The Boston Globe recently reported Claude Julien is considering scratching former second overall draft pick Tyler Seguin once the playoffs begin. For good reason – the kid has been underwhelming relative to expectations with just 11 goals and 22 points in 72 games. His mediocre counting stats are matched by below average advanced numbers: he is underwater in terms of possession (-3.51/60 corsi) despite playing against some of the softest competition for the Bruins and starting more often in the offensive end.
In short, everything about Seguin was easily replaceable this season. This is not a grave indictment of his value as prospect for Boston – the truth is almost all teenagers struggle to find their footing at the NHL level and many go on to become excellent players anyways. The Jeff Skinners of the world are the rare exceptions.
Unfortunately for Boston, Seguin’s nominal contributions cost them one-third of his valuable entry-level contract. Under the current CBA, ELC’s are capped meaning they can yield extremely high value-to-cap-hit ratios if managed properly. Seguin could have been returned to junior this season and the clock on this NHL contract wouldn’t have started ticking. Instead of paying Seguin for his 18, 19 and 20 year old seasons, the Bruins could have delayed his professional arrival and garnered more value from his ELC through his 20, 21 and 22 year old seasons when he would no doubt be a far more accomplished player.
This is an argument Tyler Dellow forwarded this past summer in regards to Taylor Hall and Magnus Paajarvi-Svensson:
It’s a simple enough proposition: you only get three years with these guys on entry level contracts and you might as well use them when the player in question is a stronger player. As I’ve pointed out before, on teams like Detroit and New Jersey, teenagers virtually never make the team. There was lots of talk, when the Oilers installed Tambellini as general manager, that they were moving towards more of a Detroit model. I made this point then, but there’s more to doing what Detroit does than having a lot of people in your management group. They do smart things, like not forcing teenagers into the lineup and wasting their cheap years on 45 point seasons.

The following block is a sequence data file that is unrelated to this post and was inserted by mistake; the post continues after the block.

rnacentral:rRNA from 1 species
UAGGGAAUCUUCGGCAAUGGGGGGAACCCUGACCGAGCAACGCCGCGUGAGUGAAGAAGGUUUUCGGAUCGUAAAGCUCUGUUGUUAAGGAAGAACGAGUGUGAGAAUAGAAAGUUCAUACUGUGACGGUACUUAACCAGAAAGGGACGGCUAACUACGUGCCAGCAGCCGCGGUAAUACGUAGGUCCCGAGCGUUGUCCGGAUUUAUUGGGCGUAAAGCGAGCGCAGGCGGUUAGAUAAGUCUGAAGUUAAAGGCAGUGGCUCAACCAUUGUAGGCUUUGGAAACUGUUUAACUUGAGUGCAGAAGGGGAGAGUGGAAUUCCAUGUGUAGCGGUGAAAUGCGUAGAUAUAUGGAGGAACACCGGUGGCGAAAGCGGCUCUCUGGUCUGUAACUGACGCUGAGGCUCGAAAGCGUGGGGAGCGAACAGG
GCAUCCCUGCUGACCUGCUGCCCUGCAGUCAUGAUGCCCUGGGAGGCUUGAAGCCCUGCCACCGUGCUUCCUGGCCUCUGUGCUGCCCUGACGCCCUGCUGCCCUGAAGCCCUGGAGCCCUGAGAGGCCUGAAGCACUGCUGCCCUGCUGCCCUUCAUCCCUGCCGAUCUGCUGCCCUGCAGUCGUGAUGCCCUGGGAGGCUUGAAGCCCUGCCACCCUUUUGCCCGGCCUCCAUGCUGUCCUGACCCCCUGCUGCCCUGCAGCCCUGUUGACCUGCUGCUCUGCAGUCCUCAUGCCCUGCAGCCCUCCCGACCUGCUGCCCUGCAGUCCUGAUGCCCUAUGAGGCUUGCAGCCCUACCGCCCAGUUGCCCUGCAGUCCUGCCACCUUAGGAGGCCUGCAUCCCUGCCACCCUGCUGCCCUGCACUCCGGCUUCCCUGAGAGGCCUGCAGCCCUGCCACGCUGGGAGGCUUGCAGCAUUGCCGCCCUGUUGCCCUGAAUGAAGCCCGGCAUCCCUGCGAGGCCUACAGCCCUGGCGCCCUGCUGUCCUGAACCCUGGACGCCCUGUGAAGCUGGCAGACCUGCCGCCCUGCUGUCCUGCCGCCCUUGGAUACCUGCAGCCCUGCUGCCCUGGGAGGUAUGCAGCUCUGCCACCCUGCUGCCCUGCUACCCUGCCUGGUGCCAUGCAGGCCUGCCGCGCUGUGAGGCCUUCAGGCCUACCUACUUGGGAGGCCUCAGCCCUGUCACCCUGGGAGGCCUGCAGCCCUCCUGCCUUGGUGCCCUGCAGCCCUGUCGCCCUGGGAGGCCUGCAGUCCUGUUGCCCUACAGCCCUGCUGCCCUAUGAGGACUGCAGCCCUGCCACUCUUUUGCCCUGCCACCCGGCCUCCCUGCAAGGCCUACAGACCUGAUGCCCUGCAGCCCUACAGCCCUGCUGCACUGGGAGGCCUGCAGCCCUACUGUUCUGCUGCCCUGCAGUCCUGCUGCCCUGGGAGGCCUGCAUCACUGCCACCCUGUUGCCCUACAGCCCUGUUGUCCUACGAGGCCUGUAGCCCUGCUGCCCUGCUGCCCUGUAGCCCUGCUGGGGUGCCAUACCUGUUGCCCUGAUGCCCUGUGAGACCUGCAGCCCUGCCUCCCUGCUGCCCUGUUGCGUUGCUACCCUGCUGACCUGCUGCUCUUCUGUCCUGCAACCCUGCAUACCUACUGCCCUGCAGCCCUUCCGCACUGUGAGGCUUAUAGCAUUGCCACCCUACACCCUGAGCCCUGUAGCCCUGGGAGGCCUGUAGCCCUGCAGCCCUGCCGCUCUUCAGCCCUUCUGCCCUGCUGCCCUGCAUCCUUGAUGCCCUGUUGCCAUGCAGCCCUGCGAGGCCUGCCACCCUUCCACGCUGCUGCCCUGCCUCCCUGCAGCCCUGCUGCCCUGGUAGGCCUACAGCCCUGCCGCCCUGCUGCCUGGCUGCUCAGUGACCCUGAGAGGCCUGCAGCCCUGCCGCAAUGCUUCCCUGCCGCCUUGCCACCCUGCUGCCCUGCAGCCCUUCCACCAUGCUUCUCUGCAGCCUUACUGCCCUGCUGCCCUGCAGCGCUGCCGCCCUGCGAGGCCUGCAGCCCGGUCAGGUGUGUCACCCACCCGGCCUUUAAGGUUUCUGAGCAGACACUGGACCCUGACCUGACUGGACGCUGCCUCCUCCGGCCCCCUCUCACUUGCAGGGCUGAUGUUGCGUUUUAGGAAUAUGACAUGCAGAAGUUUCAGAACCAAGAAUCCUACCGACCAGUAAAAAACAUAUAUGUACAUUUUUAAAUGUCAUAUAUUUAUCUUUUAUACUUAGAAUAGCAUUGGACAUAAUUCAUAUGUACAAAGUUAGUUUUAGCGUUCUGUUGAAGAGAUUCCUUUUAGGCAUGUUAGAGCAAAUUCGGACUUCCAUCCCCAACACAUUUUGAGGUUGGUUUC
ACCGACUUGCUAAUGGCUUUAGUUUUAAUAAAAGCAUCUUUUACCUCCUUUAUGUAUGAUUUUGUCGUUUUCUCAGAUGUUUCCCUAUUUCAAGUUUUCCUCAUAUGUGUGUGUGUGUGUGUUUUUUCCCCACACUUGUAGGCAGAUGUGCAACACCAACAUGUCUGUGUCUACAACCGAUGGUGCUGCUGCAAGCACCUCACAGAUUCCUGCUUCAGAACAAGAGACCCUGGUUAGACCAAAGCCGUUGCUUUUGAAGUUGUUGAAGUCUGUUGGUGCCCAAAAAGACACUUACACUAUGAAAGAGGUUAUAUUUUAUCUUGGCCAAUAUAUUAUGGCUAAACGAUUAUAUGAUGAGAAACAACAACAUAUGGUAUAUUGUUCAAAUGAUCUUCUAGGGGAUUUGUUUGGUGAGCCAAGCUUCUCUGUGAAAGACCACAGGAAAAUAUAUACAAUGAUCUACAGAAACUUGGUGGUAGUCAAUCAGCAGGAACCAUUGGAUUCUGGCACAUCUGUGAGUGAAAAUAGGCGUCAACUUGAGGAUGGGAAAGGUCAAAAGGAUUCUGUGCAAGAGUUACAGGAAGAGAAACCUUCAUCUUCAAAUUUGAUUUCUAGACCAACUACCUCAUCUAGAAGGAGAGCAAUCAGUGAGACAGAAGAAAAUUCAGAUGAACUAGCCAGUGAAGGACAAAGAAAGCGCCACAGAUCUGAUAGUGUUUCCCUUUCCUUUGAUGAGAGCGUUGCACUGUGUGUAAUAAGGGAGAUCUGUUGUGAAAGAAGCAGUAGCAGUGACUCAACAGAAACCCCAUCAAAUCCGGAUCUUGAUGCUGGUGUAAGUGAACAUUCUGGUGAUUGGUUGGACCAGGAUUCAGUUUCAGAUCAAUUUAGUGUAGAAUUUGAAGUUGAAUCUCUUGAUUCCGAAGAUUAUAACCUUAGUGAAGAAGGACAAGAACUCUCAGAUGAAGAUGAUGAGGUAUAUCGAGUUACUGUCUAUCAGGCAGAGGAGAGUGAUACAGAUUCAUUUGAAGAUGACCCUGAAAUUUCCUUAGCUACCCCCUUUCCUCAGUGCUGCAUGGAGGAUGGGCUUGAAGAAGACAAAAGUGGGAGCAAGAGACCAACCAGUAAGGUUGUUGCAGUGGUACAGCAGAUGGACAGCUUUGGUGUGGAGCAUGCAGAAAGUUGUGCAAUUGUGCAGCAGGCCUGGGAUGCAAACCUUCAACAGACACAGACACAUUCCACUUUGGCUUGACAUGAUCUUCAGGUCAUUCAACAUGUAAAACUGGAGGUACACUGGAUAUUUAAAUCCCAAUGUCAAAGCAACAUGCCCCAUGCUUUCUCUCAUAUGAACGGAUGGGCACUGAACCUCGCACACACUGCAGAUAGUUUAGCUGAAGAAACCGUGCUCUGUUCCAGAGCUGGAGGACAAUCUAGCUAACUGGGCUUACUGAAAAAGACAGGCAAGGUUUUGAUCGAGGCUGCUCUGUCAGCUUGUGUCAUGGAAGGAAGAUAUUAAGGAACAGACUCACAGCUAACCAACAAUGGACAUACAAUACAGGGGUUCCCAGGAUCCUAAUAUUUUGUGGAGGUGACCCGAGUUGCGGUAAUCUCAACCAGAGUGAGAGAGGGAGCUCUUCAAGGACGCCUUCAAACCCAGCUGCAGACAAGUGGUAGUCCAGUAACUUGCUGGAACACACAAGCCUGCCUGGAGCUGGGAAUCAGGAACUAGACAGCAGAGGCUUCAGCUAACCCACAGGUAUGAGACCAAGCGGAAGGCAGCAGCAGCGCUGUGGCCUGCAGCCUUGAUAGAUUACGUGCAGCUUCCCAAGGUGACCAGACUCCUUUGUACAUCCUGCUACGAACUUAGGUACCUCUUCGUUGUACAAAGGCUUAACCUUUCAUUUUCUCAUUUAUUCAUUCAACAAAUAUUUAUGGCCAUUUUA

Hall and Svensson held their own as rookies, but Dellow’s claim has been vindicated by the Oilers results: the kids didn’t blow the doors off, the club was terrible and now the organization has hastened the impending arrival of each youngster’s second contract (which is bound to be orders of magnitude more expensive) with nothing to show for it.
There may be other reasons the Oilers management group decided to play their top prospects this season – marketing, a dearth of other on-ice options, etc. The Bruins, however, had no real need for Seguin this year because the team isn’t selling hope to the fans in a bid to divert attention from a terrible record and the forward lines were stocked with capable veterans.
The only remaining defense of promoting Seguin is one of development. It’s possible that Seguin was too far ahead of his junior peers to garner any developmental value from another season in the minors, meaning his progression may have stagnated if the Bruins had decided to demote him. Unfortunately, there’s no real way to prove or disprove that assertion either way. What’s certain is this: the Bruins are going to be paying a 20/21 year old Tyler Seguin way more than they had to in a few years time.